May 2, 2007
Secretary of State
Contact: Don Cookson, 626-8404
AUGUSTA, MAINE — Secretary of State Matthew Dunlap issued a reminder to motorists on Wednesday that with warmer weather finally arriving, now is the time to be especially vigilant in watching for wildlife lingering in Maine’s roadways.
“As summer approaches, many large animals are moving about seeking food and mates. At this time of year, wildlife activity is on the rise. At dawn and dusk, roving animals are most difficult to see from a motor vehicle,” Dunlap commented. He added, “You may not see a deer or moose until it’s directly in front of you,” he said, adding, “Significant property damage and injury can result in a collision with a large animal.”
Each year, more than 5,000 crashes are reported involving wildlife. Crashes with moose are especially dangerous, because moose often stand over seven feet tall at the shoulder. Collisions with moose often result in the moose coming through the windshield of an automobile. In the last 3 years, Maine has experienced seven fatal accidents involving collisions with a moose. No passenger vehicle is immune: these seven accidents have involved motorcycles, cars, even pickup trucks.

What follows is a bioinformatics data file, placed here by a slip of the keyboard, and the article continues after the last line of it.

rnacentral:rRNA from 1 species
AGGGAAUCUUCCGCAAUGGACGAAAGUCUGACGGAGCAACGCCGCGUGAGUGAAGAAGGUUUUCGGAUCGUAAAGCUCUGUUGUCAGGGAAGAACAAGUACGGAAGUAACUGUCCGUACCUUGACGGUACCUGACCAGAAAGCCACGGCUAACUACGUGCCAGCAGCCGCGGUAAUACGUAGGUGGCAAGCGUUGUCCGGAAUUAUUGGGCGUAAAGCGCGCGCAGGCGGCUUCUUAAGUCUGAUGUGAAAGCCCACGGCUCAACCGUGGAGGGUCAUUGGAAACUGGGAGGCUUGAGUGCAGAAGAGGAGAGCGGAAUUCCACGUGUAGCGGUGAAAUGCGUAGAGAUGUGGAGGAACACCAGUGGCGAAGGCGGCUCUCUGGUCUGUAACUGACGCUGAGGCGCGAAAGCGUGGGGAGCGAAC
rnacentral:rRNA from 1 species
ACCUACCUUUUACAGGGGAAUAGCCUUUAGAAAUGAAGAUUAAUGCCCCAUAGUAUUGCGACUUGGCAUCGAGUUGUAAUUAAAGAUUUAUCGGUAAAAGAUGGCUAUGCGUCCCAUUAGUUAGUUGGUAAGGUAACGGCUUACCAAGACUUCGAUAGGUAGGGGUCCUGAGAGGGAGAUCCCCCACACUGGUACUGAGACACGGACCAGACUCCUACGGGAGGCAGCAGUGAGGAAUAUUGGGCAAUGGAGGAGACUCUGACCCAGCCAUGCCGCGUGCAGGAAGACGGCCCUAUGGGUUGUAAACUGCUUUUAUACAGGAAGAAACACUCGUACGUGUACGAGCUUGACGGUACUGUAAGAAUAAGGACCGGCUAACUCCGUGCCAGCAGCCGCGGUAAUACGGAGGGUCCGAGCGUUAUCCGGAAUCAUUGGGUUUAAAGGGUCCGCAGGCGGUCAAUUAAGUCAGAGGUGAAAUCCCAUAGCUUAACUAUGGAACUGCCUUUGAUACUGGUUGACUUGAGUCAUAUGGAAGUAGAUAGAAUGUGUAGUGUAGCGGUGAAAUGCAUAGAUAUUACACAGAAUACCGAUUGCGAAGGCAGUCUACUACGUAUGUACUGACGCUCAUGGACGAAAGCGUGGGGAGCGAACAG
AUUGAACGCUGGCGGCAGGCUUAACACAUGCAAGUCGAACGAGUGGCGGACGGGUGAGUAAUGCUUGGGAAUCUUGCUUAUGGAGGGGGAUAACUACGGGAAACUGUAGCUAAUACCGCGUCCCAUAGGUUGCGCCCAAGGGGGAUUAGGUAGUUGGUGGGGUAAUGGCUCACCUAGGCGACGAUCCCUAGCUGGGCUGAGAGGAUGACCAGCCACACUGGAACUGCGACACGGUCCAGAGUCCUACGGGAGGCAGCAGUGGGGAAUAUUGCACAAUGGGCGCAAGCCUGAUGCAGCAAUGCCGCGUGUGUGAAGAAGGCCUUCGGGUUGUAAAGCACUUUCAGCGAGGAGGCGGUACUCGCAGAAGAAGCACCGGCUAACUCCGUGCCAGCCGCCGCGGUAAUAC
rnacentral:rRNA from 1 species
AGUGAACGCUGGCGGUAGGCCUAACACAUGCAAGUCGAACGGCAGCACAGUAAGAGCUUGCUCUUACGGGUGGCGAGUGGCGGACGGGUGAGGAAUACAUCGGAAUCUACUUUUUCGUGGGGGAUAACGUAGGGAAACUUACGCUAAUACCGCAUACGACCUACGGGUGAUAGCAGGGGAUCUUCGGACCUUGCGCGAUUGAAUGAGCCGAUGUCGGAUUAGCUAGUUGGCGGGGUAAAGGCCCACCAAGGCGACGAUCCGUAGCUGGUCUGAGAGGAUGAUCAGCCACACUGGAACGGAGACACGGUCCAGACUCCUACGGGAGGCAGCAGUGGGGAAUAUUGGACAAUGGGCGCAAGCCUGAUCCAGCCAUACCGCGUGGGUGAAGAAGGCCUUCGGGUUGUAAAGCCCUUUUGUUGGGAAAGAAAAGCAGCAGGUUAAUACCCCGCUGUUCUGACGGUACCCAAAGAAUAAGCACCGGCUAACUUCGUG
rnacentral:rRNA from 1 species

“Drivers must slow down in low light conditions,” Dunlap said. “They should also be mindful of road signs indicating deer and moose crossings. These are located in areas that have a history of crashes involving wildlife,” he added.
Dunlap emphasized that animals in the road often behave unpredictably. “Everyone has seen a squirrel run back and forth in the middle of a road. Deer, bear and moose may do something similar,” he said. Dunlap further recounted a near miss he had with an animal at dusk one evening. “I thought I saw a family of raccoons crossing the road. I slowed down quickly enough to avoid hitting a large bull moose. What I thought was raccoons were actually the hooves of the moose.”
Some years ago, the Department of the Secretary of State produced a video, “Hidden Hazards”, in cooperation with the Maine Department of Transportation and the Maine Department of Inland Fisheries and Wildlife, highlighting the dangers of encountering wildlife on Maine ’s roadways. “The lessons put forth in that video are still very timely today,” Dunlap said, noting “it’s always important to be vigilant in watching for obstructions in the roadway. The summer months mean increased motor vehicle, bicycle, and pedestrian traffic throughout our state. Be sure not to overlook the danger to drivers when our animal populations are on the move as well.”
Follow this link for a CNN report on the dangers of moose collisions: http://www.maine.gov/mdot/safetyoffice/sohome.php
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